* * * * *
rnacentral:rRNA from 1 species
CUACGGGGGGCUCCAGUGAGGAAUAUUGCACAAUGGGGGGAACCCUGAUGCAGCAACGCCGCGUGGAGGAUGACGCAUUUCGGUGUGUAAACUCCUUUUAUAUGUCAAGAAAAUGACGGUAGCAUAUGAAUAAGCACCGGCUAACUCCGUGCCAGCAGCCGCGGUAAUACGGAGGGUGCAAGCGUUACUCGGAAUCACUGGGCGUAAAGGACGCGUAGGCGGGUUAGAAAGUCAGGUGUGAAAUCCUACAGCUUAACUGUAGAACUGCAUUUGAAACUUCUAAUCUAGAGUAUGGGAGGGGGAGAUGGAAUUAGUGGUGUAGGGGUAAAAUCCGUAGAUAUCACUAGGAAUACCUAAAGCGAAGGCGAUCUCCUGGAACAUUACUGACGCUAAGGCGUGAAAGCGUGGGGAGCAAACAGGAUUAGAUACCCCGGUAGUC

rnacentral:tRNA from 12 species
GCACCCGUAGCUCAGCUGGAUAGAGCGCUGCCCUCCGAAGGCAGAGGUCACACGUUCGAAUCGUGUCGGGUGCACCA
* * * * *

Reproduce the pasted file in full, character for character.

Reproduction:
rnacentral:rRNA from 1 species
CUACGGGGGGCUCCAGUGAGGAAUAUUGCACAAUGGGGGGAACCCUGAUGCAGCAACGCCGCGUGGAGGAUGACGCAUUUCGGUGUGUAAACUCCUUUUAUAUGUCAAGAAAAUGACGGUAGCAUAUGAAUAAGCACCGGCUAACUCCGUGCCAGCAGCCGCGGUAAUACGGAGGGUGCAAGCGUUACUCGGAAUCACUGGGCGUAAAGGACGCGUAGGCGGGUUAGAAAGUCAGGUGUGAAAUCCUACAGCUUAACUGUAGAACUGCAUUUGAAACUUCUAAUCUAGAGUAUGGGAGGGGGAGAUGGAAUUAGUGGUGUAGGGGUAAAAUCCGUAGAUAUCACUAGGAAUACCUAAAGCGAAGGCGAUCUCCUGGAACAUUACUGACGCUAAGGCGUGAAAGCGUGGGGAGCAAACAGGAUUAGAUACCCCGGUAGUC

rnacentral:tRNA from 12 species
GCACCCGUAGCUCAGCUGGAUAGAGCGCUGCCCUCCGAAGGCAGAGGUCACACGUUCGAAUCGUGUCGGGUGCACCA